Author and long-time expert in crime and serial killers, Tom Philbin (book link), discussed what goes through the dark minds of people who kill, and kill again, and he revealed the common denominators they share in spite of diverse backgrounds. When serial killers are children they typically show a constellation of behaviors-- setting fires, abusing small animals, and wetting the bed after age 12, he detailed. Many who grow up to be serial murderers were victims of abuse themselves, particularly by a cruel mother, who devalued their existence, he continued.
They deal with the terror of their childhoods by pushing it into their subconscious, but the feelings and anger remain, and as they grow up they seek control and power over others, and begin killing by age 20, Philbin further explained. He noted that a number of Ted Bundy's victims were brunettes with the same parted hairstyle as his mother. The FBI estimates there about 70 serial killers in the United States, but they are hard to detect. Even though they are sociopaths, they don't have a particular look or outward behavior that makes them suspect.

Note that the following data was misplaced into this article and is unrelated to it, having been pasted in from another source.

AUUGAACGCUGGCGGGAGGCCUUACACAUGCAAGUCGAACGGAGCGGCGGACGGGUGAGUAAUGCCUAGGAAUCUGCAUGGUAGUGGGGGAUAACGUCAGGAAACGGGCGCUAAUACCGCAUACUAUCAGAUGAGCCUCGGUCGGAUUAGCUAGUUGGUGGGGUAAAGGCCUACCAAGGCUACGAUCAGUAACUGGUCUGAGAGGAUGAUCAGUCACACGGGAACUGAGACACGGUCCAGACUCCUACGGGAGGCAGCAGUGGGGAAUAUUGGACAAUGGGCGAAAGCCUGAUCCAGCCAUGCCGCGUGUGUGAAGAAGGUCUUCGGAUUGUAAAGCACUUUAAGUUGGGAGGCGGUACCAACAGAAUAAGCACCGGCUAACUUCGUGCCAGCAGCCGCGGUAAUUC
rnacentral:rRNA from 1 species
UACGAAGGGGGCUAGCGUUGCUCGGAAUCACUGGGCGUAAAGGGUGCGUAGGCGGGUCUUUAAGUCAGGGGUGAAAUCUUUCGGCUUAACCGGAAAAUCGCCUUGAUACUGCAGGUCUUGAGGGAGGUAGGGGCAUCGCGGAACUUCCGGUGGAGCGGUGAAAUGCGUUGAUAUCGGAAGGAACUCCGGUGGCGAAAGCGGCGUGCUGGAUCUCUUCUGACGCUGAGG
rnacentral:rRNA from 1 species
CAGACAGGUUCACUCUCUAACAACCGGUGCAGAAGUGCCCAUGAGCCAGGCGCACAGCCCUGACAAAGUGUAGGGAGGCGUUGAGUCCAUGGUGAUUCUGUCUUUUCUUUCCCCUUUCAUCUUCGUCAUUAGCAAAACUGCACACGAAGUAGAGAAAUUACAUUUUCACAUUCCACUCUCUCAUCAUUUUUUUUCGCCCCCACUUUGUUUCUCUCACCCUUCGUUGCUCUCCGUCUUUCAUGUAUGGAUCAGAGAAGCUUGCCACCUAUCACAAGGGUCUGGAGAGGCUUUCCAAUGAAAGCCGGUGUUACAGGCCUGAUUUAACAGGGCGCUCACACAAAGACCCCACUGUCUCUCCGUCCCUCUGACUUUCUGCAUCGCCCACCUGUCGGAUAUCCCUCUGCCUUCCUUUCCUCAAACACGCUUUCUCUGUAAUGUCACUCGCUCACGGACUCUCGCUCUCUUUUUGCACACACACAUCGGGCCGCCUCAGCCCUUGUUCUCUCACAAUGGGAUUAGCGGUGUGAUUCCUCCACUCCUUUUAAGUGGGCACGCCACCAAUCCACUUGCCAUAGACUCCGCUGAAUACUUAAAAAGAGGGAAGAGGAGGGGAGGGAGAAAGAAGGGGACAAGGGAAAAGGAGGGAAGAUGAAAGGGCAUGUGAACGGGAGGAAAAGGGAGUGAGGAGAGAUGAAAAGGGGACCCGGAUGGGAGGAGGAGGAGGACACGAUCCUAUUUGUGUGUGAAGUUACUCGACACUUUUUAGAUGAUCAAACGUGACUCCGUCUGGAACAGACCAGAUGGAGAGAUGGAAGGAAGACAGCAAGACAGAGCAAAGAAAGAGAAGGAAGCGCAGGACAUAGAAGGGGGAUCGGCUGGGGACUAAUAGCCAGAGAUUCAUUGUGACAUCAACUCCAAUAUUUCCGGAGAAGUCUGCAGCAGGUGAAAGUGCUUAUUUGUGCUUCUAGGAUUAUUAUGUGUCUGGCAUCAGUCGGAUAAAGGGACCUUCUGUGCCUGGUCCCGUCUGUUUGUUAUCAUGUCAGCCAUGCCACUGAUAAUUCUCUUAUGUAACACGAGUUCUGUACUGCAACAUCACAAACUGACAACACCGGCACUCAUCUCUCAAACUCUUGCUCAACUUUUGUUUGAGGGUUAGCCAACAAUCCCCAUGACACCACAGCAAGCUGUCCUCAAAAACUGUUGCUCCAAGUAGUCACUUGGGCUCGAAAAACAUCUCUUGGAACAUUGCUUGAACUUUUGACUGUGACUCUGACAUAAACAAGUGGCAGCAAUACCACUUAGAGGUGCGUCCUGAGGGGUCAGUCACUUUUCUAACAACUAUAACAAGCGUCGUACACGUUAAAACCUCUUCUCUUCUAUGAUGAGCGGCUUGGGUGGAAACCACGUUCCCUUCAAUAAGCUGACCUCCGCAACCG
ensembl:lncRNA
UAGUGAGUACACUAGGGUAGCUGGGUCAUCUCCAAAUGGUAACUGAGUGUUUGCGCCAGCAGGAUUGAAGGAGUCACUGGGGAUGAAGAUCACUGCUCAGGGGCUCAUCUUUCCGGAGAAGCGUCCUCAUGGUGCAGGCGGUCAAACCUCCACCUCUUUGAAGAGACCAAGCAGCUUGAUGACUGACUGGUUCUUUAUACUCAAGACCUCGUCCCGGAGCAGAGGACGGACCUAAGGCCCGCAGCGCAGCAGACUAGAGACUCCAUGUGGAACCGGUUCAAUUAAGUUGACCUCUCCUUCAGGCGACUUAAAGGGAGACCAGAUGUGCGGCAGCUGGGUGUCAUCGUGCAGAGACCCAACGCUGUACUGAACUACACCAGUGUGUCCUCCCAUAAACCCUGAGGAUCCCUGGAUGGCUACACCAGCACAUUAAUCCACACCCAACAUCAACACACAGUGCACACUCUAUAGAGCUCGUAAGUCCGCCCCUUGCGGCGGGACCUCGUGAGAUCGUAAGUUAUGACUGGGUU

A number of serial killers eventually seem to want to be caught, he suggested, as they draw attention to themselves or leave evidence in easy to find places-- such as John Wayne Gacy burying victims in his backyard, and Dennis Rader contacting law enforcement via the computer. Philbin offered analysis of a variety of killers, including Bundy, Ed Gein, Charles Manson, Richard Speck, Henry Lee Lucas, Michael Swango, and Albert Fish.
Noah's Ark Search
First hour guest, researcher Richard Rives shared updates on the search for Noah's Ark. He commented on the disappearance of Donald Mackenzie who vanished while searching for the Ark in Turkey back in September, and recounted Ron Wyatt's travels to study a "boat-shaped object" on Mount Ararat.
News segment guest: Steve Shenk